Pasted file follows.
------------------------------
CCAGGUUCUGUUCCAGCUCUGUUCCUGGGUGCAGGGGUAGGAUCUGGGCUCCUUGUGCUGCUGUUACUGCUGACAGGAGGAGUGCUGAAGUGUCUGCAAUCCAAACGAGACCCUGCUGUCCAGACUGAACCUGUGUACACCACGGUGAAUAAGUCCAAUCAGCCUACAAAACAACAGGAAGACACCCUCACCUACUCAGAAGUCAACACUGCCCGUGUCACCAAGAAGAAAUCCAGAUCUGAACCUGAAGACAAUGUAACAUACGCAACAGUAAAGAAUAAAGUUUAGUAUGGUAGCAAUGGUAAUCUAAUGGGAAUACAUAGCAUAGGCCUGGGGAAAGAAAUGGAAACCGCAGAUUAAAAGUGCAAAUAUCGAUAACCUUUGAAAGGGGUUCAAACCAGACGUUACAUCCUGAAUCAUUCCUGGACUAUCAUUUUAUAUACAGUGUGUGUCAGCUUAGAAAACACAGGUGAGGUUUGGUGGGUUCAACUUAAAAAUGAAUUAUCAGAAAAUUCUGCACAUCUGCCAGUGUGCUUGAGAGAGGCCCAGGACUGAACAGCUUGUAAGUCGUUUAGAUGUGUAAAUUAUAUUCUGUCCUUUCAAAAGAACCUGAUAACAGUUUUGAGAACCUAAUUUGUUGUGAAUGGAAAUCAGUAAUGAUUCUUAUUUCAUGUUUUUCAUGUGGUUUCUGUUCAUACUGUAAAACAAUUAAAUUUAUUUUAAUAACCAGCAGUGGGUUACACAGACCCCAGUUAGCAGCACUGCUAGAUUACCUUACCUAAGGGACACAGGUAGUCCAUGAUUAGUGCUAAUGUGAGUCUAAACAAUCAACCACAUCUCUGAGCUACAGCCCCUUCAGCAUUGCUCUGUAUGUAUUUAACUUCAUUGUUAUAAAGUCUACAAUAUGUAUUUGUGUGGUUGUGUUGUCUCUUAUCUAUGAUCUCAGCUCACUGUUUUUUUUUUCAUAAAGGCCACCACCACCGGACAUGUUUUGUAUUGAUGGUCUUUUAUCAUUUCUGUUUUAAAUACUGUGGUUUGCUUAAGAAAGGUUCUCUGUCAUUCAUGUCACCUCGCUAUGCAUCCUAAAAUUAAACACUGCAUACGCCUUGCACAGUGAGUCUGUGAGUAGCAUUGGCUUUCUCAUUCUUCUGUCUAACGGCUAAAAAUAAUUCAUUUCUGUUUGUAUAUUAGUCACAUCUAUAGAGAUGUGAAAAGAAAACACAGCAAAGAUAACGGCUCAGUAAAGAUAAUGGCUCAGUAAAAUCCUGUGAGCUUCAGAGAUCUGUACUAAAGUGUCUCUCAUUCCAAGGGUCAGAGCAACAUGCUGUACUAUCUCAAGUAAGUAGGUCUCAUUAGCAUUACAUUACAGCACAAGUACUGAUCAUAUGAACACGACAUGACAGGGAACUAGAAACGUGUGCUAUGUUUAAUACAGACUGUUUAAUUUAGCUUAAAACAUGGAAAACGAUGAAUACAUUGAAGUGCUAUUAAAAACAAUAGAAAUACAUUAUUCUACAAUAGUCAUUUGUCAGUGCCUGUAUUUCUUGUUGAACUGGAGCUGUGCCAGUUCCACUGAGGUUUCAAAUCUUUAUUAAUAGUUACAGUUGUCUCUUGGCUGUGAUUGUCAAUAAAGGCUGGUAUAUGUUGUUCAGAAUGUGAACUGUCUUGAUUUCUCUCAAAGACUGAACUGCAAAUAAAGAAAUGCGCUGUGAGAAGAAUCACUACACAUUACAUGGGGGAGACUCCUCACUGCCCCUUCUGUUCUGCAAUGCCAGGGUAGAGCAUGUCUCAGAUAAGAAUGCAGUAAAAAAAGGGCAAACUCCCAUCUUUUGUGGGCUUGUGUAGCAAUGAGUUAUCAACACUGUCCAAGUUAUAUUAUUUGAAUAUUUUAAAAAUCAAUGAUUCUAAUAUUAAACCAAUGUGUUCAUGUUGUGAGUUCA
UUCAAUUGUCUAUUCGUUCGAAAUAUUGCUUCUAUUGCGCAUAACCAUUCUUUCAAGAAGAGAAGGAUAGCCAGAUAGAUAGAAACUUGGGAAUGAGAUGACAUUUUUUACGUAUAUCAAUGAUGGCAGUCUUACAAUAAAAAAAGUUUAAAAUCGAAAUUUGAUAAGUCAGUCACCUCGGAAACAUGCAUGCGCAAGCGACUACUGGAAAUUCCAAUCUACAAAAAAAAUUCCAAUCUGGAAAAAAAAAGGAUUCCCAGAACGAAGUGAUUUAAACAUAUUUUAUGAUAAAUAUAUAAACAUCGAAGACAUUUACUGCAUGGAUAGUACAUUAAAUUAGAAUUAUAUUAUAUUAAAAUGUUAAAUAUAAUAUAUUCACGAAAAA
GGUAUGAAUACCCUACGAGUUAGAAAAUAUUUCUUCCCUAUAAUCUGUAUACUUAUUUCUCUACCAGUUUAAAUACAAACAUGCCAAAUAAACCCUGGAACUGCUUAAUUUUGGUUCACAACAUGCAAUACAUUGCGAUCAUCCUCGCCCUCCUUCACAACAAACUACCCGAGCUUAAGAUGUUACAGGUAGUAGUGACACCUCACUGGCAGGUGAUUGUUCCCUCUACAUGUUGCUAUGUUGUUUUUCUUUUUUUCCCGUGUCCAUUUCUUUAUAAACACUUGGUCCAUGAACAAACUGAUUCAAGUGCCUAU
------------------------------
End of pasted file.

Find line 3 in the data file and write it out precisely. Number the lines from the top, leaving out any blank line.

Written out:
GGUAUGAAUACCCUACGAGUUAGAAAAUAUUUCUUCCCUAUAAUCUGUAUACUUAUUUCUCUACCAGUUUAAAUACAAACAUGCCAAAUAAACCCUGGAACUGCUUAAUUUUGGUUCACAACAUGCAAUACAUUGCGAUCAUCCUCGCCCUCCUUCACAACAAACUACCCGAGCUUAAGAUGUUACAGGUAGUAGUGACACCUCACUGGCAGGUGAUUGUUCCCUCUACAUGUUGCUAUGUUGUUUUUCUUUUUUUCCCGUGUCCAUUUCUUUAUAAACACUUGGUCCAUGAACAAACUGAUUCAAGUGCCUAU